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THROUGH 1979, immunosuppressive therapy for liver transplantation at our center was with azathioprine (or cyclophosphamide) and steroids, to which antilymphocyte gloublin (ALG) was usually added.1-3 Failure was more frequent than success. Nevertheless, 55 (32.4%) of the first 170 recipients treated from 1963 on in Denver survived for more than a year, and 31 (18.2%) passed or are just reaching the five-year mark. The following is an account of these pioneer patients who have become the leaders in a population of liver recipients that will be expanding rapidly with the improved immunosuppression that is available today.
The 170 patients were treated with orthotopic liver transplantation at the University of Colorado Health Sciences Center from March 1, 1963, through the first month of 1980.1-4 Eighty-six of the 170 patients were 18 years old or younger, and 84 were 19 years or older. All of these patients were treated with azathioprine and prednisone and most had ALG as well. Sixteen patients (OT 42 through 57) received cyclophosphamide instead of azathioprine for several months, and 21 were treated with thoracic duct drainage as an adjunct to therapy with azathioprine and prednisone.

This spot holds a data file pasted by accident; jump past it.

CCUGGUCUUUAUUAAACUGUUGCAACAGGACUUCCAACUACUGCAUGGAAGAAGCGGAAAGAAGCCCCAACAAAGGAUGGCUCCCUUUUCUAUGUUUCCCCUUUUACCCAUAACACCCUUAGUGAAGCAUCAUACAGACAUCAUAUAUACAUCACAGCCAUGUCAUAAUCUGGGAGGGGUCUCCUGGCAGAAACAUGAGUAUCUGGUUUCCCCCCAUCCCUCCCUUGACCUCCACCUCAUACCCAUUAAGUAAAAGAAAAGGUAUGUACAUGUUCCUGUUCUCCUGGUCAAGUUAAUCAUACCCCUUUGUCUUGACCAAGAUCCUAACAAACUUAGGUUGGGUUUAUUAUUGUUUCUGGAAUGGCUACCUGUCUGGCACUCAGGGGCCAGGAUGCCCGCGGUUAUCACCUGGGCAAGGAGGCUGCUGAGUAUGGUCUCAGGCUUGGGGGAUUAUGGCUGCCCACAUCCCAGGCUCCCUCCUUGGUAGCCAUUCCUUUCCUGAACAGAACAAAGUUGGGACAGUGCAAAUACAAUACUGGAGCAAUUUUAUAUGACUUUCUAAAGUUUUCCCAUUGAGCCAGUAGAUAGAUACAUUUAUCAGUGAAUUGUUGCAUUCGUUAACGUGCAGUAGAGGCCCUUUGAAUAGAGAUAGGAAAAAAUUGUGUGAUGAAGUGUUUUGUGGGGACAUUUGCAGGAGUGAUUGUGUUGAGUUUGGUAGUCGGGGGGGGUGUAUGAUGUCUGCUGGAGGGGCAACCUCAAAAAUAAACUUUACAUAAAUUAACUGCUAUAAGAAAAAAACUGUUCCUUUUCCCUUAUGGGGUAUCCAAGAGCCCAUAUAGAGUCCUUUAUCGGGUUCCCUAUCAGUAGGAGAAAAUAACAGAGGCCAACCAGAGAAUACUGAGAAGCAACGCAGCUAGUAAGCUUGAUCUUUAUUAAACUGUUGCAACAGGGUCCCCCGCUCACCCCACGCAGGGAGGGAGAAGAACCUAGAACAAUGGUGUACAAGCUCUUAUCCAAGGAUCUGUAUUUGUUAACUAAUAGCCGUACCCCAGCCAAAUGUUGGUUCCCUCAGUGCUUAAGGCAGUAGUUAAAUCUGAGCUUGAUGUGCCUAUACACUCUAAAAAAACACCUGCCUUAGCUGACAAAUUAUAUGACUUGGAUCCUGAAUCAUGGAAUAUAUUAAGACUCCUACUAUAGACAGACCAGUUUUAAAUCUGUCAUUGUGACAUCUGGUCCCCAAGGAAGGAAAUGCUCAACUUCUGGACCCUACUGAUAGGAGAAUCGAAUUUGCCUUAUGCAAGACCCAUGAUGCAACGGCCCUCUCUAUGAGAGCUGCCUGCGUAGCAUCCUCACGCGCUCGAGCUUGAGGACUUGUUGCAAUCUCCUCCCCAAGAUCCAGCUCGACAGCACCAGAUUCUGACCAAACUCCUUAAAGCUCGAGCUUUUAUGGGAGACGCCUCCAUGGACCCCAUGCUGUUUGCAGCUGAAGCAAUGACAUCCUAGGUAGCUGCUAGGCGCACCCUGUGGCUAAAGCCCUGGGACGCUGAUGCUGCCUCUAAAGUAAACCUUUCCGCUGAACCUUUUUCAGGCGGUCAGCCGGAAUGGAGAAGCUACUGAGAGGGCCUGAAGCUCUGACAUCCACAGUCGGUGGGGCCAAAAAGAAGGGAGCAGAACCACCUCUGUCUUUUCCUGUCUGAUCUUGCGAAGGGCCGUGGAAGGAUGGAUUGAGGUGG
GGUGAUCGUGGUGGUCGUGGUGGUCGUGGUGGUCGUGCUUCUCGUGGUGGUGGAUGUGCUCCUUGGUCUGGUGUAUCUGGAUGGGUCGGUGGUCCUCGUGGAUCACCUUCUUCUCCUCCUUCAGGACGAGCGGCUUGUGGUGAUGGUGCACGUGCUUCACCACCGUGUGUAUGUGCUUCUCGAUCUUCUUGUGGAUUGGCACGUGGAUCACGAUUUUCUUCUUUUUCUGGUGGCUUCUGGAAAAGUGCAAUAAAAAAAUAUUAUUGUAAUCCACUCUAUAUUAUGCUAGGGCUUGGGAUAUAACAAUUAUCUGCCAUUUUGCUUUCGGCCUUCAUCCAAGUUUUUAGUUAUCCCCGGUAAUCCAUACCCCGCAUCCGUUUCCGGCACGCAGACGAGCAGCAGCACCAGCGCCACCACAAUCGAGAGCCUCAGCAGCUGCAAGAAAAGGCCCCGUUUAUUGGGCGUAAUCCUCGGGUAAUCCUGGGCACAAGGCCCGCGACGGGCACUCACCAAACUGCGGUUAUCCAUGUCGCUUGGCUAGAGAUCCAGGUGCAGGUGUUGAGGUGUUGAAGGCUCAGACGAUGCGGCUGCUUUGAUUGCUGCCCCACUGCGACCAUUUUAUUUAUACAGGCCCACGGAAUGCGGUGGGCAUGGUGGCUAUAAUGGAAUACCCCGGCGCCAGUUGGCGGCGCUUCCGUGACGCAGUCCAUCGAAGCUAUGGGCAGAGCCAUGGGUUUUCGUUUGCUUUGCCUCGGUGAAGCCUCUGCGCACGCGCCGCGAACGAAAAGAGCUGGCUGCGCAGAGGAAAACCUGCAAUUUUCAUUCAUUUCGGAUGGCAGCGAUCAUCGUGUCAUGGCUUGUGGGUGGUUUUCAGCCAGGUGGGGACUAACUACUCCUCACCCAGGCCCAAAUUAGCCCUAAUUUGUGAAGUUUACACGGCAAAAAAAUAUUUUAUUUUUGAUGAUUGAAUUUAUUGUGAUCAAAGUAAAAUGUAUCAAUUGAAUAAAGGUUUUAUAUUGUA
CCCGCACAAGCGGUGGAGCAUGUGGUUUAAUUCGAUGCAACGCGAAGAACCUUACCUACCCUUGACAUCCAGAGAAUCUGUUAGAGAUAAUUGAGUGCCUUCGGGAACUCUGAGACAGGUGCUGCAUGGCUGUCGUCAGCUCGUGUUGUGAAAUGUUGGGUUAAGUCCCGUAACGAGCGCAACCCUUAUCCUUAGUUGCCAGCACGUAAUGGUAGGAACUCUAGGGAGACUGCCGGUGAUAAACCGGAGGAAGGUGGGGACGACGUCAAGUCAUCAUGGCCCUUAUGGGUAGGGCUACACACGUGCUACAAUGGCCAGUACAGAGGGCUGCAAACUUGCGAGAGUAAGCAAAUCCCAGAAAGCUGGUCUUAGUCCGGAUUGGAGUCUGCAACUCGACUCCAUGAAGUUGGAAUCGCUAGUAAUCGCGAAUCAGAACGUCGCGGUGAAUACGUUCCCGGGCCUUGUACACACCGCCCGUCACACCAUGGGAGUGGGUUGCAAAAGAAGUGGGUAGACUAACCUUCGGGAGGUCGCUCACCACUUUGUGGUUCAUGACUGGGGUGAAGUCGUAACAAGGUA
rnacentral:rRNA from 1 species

Cyclosporine was not available for any of these patients at the time of transplantation, but in five patients (OT 56, 77, 137, 142, 164), cyclosporine was substituted for azathioprine four to 11 years after the transplant because of chronic rejection in four patients and in order to reduce the maintenance dose of prednisone for growth retardation in one patient (OT 142). Two patients (OT 56 and 137) received second transplants with cyclosporine and low-dose steroid therapy, and one patient (OT 164) returned to azathioprine after several months of cyclosporine therapy.
Patient code number (OT number), age at the time of transplant, sex, diagnosis of liver disease, survival, present status of recipient, cause of death after five years, and current immunosuppression therapy are listed in Table 1.
Of the 170 patients, 31 lived for more than five years and two others are living and well with normal liver function between 4¾ and five years after liver transplantation as of the end of August 1984. The latter two patients are considered five-year survivors. The actuarial survival rate at five years is 19.4%, and that at ten years is 17.9% (Fig 1).
Of the 33 five-year survivors, 19 were among 86 patients between ten months and 18 years of age and 14 were among 84 patients older than 18 years at the time of transplantation. Thus, five-year survival was better in the pediatric age group (22.1%) than in the adult age group (16.7%).